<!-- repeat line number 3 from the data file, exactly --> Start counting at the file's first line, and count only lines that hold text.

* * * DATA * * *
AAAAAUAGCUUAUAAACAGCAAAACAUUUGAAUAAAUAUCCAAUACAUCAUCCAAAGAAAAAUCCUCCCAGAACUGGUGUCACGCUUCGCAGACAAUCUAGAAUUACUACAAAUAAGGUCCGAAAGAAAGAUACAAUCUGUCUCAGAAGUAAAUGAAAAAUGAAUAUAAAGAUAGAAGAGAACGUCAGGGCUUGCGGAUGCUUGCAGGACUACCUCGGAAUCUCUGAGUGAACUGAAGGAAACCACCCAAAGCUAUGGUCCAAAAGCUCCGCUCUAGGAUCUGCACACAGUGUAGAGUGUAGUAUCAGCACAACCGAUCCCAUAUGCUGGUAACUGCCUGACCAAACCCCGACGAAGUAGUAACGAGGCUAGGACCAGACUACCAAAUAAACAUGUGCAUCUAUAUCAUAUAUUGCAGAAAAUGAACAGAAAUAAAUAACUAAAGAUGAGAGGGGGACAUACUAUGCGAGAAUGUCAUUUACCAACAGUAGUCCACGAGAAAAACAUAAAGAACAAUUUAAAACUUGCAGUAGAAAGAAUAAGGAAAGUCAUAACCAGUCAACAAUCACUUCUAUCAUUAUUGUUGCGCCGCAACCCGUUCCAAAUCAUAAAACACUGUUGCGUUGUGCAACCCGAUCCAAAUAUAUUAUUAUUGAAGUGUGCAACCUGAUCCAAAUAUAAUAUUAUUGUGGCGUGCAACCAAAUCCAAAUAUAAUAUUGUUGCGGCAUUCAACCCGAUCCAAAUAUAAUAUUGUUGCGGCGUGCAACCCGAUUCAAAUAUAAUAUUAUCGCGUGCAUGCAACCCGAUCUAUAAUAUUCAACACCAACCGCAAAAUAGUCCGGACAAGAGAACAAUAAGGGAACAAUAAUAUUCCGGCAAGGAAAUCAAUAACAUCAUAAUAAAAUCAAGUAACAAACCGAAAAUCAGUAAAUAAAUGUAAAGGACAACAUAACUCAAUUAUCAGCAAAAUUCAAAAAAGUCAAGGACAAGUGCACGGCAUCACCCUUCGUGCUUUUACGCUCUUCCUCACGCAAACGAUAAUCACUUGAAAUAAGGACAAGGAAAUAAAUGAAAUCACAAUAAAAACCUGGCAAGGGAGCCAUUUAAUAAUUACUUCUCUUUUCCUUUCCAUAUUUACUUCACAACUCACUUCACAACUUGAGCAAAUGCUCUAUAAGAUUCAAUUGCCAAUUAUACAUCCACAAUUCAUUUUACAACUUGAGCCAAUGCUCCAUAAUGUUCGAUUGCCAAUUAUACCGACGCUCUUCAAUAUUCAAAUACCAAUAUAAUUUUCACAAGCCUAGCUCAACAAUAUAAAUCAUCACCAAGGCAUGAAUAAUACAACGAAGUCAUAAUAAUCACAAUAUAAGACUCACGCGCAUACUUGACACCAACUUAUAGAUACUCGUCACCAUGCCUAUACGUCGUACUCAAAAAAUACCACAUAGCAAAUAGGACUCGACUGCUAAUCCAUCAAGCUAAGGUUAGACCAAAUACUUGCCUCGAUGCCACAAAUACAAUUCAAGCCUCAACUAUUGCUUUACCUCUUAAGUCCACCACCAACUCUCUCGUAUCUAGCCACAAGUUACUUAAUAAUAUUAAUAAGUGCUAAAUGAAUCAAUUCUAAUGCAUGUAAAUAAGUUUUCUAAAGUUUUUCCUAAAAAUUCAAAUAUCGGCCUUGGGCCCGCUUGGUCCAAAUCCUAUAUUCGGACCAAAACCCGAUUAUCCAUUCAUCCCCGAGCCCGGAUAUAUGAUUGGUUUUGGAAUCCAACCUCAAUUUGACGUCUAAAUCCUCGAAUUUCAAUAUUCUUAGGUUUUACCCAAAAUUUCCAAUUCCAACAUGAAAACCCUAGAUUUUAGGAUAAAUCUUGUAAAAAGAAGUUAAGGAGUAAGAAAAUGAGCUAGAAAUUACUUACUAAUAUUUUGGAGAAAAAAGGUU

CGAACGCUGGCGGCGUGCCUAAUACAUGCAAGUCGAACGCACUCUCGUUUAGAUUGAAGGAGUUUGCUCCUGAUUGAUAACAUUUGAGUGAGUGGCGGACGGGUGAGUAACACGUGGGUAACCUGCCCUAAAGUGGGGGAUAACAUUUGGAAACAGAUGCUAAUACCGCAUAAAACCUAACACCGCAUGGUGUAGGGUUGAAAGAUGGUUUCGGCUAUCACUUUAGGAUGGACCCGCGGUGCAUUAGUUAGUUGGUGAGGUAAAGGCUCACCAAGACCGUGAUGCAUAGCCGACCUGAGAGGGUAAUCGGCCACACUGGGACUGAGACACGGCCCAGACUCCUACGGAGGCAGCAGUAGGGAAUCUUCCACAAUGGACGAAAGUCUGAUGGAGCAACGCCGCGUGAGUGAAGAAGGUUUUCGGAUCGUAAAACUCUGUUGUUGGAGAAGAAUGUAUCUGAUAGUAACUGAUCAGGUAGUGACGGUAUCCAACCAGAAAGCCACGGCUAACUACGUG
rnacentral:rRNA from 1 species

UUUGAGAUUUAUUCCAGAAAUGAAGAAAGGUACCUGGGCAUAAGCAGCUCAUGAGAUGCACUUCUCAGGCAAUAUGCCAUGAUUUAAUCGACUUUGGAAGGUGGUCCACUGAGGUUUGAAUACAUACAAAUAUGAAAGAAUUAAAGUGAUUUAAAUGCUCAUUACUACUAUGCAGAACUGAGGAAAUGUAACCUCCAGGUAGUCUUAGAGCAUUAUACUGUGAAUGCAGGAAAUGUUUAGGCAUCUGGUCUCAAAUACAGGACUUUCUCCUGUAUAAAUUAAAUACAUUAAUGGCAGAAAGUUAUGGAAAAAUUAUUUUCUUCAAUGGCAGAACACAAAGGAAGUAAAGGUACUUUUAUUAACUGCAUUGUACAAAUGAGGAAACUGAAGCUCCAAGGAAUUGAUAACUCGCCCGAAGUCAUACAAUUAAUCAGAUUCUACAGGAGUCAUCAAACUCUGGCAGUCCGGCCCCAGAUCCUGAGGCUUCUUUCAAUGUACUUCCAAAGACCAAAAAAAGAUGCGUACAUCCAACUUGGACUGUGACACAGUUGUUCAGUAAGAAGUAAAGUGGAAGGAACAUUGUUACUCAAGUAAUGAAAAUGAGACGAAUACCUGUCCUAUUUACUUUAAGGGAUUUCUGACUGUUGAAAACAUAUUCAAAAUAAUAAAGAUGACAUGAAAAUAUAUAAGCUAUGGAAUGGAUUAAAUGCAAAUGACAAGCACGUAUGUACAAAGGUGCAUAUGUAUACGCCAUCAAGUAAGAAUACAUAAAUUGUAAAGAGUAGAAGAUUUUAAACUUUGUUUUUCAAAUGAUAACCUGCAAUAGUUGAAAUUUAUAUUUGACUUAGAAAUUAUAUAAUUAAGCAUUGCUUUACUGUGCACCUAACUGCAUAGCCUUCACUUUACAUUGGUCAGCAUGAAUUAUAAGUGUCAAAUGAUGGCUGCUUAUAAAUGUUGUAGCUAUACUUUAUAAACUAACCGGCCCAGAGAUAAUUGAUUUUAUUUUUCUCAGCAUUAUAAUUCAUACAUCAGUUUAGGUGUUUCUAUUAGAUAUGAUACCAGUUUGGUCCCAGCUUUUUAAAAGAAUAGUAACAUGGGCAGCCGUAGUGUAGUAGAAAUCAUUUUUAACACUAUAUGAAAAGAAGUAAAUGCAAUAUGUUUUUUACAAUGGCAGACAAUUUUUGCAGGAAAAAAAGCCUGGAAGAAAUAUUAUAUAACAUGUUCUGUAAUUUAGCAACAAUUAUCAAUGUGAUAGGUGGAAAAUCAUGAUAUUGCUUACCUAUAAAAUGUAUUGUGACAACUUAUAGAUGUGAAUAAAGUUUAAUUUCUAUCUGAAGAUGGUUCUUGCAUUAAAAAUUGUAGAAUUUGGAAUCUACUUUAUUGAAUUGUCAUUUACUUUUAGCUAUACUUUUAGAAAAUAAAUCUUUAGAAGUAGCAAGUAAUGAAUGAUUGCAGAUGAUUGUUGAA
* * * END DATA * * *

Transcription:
rnacentral:rRNA from 1 species